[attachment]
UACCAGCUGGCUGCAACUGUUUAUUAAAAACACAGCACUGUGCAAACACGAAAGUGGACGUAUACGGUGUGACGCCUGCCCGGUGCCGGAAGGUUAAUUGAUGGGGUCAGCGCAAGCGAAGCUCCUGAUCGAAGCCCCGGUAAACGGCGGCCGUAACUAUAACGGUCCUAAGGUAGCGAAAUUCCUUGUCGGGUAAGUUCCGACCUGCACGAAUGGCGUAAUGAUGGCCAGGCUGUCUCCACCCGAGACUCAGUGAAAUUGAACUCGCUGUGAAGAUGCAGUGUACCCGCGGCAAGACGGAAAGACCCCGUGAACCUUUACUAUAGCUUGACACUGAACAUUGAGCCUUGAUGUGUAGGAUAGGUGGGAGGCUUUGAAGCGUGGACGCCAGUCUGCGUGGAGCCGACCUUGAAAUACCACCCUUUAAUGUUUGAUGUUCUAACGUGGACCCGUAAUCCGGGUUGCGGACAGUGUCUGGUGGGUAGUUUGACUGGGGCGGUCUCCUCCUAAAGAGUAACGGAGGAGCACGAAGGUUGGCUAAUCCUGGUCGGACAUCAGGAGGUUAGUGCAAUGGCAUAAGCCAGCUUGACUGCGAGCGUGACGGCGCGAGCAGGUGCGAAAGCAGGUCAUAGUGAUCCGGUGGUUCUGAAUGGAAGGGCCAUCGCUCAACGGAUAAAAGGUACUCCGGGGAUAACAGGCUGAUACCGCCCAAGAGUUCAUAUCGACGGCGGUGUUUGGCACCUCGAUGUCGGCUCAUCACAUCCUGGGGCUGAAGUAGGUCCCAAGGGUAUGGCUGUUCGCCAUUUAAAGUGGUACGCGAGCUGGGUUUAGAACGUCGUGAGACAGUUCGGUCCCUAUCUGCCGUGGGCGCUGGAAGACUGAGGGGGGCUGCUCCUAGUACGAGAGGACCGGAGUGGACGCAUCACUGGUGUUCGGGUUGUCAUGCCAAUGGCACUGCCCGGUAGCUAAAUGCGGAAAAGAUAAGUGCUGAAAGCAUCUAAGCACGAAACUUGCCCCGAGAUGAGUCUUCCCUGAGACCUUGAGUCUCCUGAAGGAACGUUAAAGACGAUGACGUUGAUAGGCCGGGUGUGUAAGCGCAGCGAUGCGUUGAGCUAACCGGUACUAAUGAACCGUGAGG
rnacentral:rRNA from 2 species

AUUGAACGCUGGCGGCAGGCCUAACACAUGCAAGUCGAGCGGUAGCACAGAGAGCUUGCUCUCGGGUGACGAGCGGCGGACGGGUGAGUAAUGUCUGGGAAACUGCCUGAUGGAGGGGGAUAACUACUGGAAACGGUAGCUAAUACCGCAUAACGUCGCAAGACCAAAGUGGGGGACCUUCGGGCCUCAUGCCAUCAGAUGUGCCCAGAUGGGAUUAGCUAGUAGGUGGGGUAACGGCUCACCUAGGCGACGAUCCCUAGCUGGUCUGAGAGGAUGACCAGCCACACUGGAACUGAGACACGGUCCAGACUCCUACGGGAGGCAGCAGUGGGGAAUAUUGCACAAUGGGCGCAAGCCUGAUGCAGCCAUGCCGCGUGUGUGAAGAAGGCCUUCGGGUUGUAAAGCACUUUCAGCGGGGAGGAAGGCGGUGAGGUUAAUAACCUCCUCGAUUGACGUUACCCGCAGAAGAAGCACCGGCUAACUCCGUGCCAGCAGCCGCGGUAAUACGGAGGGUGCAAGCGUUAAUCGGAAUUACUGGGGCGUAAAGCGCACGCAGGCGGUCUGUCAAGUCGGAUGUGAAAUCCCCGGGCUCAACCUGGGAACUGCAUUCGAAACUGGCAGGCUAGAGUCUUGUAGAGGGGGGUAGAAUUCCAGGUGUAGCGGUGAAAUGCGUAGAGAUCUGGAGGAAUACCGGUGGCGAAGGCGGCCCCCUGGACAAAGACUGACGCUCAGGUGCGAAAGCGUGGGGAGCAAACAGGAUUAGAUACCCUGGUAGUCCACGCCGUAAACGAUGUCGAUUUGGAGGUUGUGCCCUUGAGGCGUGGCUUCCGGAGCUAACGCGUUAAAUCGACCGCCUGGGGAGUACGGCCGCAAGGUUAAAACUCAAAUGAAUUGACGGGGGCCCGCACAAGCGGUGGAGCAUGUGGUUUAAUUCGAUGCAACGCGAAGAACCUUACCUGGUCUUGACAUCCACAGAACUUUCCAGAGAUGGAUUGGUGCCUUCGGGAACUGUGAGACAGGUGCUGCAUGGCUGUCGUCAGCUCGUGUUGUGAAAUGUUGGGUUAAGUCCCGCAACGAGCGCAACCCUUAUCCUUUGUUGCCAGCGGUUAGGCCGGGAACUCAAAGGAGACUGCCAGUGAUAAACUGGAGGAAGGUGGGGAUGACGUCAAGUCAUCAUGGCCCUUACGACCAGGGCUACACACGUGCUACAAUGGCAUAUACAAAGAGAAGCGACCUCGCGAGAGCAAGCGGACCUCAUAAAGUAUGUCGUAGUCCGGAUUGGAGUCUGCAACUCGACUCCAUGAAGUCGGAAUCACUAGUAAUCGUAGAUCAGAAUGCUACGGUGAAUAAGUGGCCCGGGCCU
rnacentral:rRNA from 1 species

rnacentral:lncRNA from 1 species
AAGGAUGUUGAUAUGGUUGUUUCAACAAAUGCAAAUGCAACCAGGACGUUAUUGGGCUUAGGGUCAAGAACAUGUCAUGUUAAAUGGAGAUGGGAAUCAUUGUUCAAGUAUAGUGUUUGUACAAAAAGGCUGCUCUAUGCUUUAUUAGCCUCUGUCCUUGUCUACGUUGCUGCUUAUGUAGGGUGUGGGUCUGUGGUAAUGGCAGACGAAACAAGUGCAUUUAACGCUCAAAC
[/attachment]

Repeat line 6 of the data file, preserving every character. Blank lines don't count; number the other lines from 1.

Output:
AAGGAUGUUGAUAUGGUUGUUUCAACAAAUGCAAAUGCAACCAGGACGUUAUUGGGCUUAGGGUCAAGAACAUGUCAUGUUAAAUGGAGAUGGGAAUCAUUGUUCAAGUAUAGUGUUUGUACAAAAAGGCUGCUCUAUGCUUUAUUAGCCUCUGUCCUUGUCUACGUUGCUGCUUAUGUAGGGUGUGGGUCUGUGGUAAUGGCAGACGAAACAAGUGCAUUUAACGCUCAAAC